As with the sanitary napkin 1, the liquid absorbent layer 14 is an air-laid pulp or air-laid nonwoven fabric. In a central region 16 a enclosed by the right longitudinal join line 15 a, the left longitudinal join line 15 b, the front internal connecting join line 15 e and the rear internal connecting join line 15 f, furthermore, there is disposed an absorbent fibrous layer 22 between the low stiffness portion 14 e of the liquid absorbent layer 14 and the topsheet 12, as shown in FIG. 4.

The absorbent fibrous layer 22 has a lower density than the liquid absorbent layer 14 but is capable of absorbing and retaining liquid. For example, the absorbent fibrous layer 22 may be made of pulp fibers or a mixture of pulp fibers and superabsorbent polymer (SAP). It may also contain synthetic resin fibers in addition to natural fibers such as pulp fibers. In the absorbent fibrous layer 22, fibers are not bonded together either through a binder or by fusion, so that the absorbent fibrous layer 22 has a lower bending stiffness than the liquid absorbent layer 14. The absorbent fibrous layer 22 may have a density in the range of 0.02 to 0.15 g/cm3 and a unit weight in the range of about 200 to 800 g/m2.

The absorbent fibrous layer 22 may be disposed between the liquid absorbent layer 14 and the topsheet 12 while being wrapped in a hydrophilic paper material 23 such as tissue.

In the sanitary napkin 21, since the low-density absorbent fibrous layer 22 is laid on the low stiffness portion 14 e with a number of the incisions 17, a sufficient liquid absorption capacity can be ensured by the low stiffness portion 14 e with the incisions 17 and the absorbent fibrous layer 22. Moreover, the low-density absorbent fibrous layer 22, which is flexible, can easily follow the deformation of the low stiffness portion 14 e to have a reversed V-shaped cross-section.

In the sanitary napkin 21, the central region 16 a, which is designed to face the vaginal opening, has a sufficient liquid absorption capacity due to the presence of the liquid absorbent layer 14 and the absorbent fibrous layer 22. In a rear region 16 b enclosed by the right longitudinal join line 15 a, the left longitudinal join line 15 b, the rear connecting join line 15 d and the rear internal connecting join line 15 f, however, there is provided only the low stiffness portion 14 e of the liquid absorbent layer 14. That is, the rear region 16 b does not include the absorbent fibrous layer 22. Hence, the rear region 16 b becomes thin and easy to deform so that this part can easily fit in the cleft of the buttocks near and behind the anus, which makes the sanitary napkin 21 less noticeable from the outside when wearing tight-fitting pants or the like.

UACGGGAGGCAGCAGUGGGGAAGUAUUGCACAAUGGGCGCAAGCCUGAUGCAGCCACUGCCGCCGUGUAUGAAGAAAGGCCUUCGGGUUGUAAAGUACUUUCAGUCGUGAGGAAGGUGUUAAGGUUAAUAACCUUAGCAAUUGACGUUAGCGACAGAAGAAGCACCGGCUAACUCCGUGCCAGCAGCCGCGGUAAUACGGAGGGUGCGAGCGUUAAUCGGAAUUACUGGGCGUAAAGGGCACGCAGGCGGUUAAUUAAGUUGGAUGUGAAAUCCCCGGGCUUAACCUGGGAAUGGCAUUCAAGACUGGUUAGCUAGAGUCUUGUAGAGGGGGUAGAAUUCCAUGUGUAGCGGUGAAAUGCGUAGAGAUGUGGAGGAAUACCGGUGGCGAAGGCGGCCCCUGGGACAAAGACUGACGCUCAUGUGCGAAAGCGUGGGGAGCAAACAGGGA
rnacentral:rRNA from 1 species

Here, it is preferred that at least in the rear part of the sanitary napkin, the low stiffness portion is formed in a region which is enclosed at least on three sides by the right and left longitudinal join lines and one connecting join line connecting the longitudinal join lines.

FIGS. 5 and 6 illustrate sanitary napkins 31 and 41, respectively, which are modifications devised from the above viewpoint.

The sanitary napkin 31 shown in FIG. 5 has the same contour as the sanitary napkin 21 shown in FIG. 3. As with the sanitary napkin 21, the sanitary napkin 31 has the right longitudinal join line 15 a, the left longitudinal join line 15 b, the front connecting join line 15 c, the rear connecting join line 15 d, the front internal connecting join line 15 e, and the rear internal connecting join line 15 f.

In the embodiment shown in FIG. 5, the liquid absorbent layer 14, which is an air-laid pulp or air-laid nonwoven fabric, has two low stiffness portions 14 e with a number of the incisions 17 in the rear region 16 b and a front region 16 c, which is enclosed by the right longitudinal join line 15 a, the left longitudinal join line 15 b, the front connecting join line 15 c, and the front internal connecting join line 15 e.